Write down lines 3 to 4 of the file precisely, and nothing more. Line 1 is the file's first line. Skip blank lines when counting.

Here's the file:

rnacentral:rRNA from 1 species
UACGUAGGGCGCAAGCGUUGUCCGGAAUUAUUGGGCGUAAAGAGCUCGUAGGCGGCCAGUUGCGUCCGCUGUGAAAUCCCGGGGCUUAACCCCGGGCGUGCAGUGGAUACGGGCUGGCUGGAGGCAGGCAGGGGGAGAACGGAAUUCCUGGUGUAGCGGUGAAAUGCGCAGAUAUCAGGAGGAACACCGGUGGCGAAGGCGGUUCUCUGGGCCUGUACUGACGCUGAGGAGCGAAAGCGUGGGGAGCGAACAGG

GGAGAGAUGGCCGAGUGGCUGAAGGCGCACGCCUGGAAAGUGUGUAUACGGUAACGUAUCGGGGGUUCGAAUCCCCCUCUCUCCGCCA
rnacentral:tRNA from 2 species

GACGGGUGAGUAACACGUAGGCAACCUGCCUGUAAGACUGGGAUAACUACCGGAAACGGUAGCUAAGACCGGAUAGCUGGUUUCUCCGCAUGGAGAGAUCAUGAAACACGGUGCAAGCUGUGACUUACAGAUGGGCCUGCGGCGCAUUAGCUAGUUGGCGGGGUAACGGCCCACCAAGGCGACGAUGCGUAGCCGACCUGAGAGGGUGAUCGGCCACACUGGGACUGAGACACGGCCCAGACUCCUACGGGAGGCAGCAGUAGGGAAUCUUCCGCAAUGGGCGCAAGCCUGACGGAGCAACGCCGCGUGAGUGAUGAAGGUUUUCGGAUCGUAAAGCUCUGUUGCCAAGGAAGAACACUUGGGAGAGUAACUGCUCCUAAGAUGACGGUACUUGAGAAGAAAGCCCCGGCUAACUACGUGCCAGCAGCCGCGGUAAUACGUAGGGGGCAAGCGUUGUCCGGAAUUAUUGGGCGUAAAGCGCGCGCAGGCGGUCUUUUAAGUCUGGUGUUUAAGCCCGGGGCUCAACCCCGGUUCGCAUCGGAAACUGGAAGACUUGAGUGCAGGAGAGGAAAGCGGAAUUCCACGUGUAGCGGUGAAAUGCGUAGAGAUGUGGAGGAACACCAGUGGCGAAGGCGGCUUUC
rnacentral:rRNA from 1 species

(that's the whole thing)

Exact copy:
GGAGAGAUGGCCGAGUGGCUGAAGGCGCACGCCUGGAAAGUGUGUAUACGGUAACGUAUCGGGGGUUCGAAUCCCCCUCUCUCCGCCA
rnacentral:tRNA from 2 species